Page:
In 2004, we all thought Smarty Jones was going to get it done. The funny thing is that his run is strikingly similar to that of Big Brown. Like Big Brown, he was the undefeated Derby favorite. He then, like Big Brown, went on to dominate the first two legs. At the Belmont, Smarty Jones had the lead in the stretch but could not hold off a late charge from 36-1 longshot Birdstone and had to settle for second. Hopefully, Big Brown won’t share the same fate.
Funny Cide (2003)
The next year Funny Cide raced his way to stardom by upsetting the favored Empire Maker in the Derby. He then dominated the Preakness by nine lengths. But Empire Maker had sat out the Preakness to rest and came back at the Belmont to end Funny Cide’s bid.
War Emblem (2002)
War Emblem was our first real challenger of the new millennium. This horse was giving Bob Baffert yet another shot at the title. It wasn’t even close in the Belmont however as he stumbled right out of the gate. His eighth place finish is the worst ever by a horse vying for the the ultimate price for 3-year-olds.
Charismatic was a 31-1 longshot in the Kentucky Derby but when on to win that race by a neck and took the Preakness Stakes by a couple lengths. He, like the two horses before him, looked good in the home stretch of the Belmont, but he ended up third. He also tragically broke two bones in his leg in that stretch run.
Real Quiet (1998)
A year later, Real Quiet was making plenty of noise as Baffert had himself another quality horse. If Baffert couldn’t stomach Silver Charm’s heartbreaking loss in the Belmont, this one surely stopped him, heart. Real Quiet led by four lengths with less than a quarter mile left in the Belmont, but out of nowhere came Victory Gallop to win by a nose.
Silver Charm (1997)
Silver Charm looked the part of a champion. This super horse was one of Bob Baffert’s best, but he just wasn’t quite good enough. He was in the lead down the home stretch of the Belmont, but Touch Gold overtook him to win by less than a length.
Sunday Silence (1989)
Affirmed and Alydar were the story in 1978 and Sunday Silence and Easy Goer were the talk of thoroughbread racing in 1989. Sunday Silence won the Derby over the favored Easy Goer and then edged him out again at the Preakness by a nostril. Easy Goer would have his revenge winning by eight lengths.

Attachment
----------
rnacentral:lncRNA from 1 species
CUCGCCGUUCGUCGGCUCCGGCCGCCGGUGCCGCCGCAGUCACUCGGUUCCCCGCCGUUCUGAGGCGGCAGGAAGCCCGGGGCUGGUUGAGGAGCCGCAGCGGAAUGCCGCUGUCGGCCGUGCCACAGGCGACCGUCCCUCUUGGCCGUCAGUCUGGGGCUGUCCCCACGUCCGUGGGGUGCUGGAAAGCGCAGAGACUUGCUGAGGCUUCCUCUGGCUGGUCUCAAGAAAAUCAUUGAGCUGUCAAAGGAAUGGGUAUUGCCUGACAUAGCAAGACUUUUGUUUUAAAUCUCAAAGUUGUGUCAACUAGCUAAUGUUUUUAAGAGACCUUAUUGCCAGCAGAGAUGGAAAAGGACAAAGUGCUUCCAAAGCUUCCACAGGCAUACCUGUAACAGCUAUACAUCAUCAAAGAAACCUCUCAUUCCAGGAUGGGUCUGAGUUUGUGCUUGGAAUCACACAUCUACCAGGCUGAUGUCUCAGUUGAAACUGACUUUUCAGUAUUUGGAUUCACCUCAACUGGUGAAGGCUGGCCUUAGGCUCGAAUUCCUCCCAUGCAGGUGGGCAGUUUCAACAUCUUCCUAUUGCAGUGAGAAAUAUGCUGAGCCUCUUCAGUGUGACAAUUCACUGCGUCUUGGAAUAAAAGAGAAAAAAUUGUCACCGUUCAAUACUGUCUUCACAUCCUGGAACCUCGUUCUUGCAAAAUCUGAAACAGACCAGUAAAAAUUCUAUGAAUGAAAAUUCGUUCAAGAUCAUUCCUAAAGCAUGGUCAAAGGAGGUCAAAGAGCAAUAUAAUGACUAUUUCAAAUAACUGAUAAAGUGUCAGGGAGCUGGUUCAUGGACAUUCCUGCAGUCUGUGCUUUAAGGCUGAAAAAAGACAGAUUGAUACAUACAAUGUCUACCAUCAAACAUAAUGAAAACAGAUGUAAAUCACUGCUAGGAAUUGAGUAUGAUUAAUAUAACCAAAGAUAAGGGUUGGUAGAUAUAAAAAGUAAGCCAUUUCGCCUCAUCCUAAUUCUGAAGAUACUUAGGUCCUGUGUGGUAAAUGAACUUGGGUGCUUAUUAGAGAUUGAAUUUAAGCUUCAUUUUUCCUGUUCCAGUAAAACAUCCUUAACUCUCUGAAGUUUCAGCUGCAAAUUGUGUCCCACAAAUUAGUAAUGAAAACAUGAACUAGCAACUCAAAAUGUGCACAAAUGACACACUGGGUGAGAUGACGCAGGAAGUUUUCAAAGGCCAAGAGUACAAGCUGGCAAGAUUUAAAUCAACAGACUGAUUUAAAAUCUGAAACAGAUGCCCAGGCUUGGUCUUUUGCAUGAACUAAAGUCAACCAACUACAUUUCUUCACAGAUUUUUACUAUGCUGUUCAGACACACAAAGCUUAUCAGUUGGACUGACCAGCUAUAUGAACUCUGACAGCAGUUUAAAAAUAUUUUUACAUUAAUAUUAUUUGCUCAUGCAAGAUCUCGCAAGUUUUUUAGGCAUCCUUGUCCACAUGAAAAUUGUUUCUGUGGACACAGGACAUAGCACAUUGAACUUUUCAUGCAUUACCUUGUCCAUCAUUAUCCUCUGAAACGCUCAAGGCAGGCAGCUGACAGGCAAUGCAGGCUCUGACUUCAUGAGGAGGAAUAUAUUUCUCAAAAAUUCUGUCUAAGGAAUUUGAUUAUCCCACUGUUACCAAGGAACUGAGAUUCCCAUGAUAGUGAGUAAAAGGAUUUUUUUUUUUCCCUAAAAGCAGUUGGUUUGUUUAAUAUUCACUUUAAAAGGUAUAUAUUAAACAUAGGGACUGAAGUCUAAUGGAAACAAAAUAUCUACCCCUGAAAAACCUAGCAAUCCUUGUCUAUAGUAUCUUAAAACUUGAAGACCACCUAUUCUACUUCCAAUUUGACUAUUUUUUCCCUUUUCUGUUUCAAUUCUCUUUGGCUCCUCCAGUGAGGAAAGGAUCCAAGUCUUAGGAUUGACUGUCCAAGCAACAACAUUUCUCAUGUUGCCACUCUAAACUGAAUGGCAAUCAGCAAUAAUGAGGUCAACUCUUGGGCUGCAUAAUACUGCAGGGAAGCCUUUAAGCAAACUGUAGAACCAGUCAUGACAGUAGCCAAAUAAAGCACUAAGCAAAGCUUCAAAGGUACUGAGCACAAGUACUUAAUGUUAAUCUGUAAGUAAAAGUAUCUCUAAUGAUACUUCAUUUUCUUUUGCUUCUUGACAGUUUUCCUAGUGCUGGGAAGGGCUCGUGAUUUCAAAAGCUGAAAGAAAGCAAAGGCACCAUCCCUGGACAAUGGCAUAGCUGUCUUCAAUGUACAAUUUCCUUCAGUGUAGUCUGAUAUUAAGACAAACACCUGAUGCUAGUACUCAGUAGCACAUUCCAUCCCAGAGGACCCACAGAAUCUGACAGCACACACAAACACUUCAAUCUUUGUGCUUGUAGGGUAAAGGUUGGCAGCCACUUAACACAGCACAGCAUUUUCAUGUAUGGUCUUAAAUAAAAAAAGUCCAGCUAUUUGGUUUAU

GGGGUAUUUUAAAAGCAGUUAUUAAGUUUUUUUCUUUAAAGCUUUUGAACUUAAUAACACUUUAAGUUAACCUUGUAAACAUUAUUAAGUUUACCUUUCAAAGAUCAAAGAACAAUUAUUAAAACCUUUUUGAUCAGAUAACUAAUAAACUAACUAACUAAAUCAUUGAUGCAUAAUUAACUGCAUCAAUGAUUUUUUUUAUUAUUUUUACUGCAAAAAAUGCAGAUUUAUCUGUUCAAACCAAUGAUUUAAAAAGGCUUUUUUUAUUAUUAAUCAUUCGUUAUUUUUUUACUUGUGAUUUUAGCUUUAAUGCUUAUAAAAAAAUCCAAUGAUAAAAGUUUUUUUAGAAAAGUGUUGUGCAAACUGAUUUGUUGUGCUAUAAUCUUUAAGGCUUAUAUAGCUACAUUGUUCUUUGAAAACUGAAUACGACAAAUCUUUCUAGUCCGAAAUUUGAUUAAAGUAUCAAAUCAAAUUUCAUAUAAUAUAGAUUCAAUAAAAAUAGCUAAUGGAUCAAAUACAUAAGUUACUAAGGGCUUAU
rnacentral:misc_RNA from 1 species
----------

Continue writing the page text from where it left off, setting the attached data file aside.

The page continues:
Alysheba won the Derby despite stumbling down the stretch. Many were skeptical before the Triple Crown got underway as he’d had surgery just a couple months prior to fix a breathing problem. After he overcame all that, he seemed unstoppable until he ran fourth. The race was won by 14 lengths by Bet Twice.
Pleasant Colony (1981)
Two years later Pleasant Colony had us hoping again. This horse was very tall, so much so that it looked uncoordinated. After a fifth-place finish in the Florida Derby his trainer was fired and the rest was history – well, almost. He took the Derby and the Preakness and also finished third at the Belmont.
Spectacular Bid (1979)
Seattle Slew won the Triple Crown in 1977 and Affirmed won in the next year. After Spectacular Bid took care of business in the Derby and the Preakness, it looked like the Triple Crown was getting to be too easy. Spectacular Bid didn’t have the same powerful kick that he had in the first two legs and wound up third. Rumor has it that he stepped on a safety pin the day before the big race, which caused him a lot of discomfort.
Triple Crown History: Results of Horses Who Had a Chance to Win
|Year||Horse||Performance at Belmont|
|2012||I’ll Have Another||SCRATCH|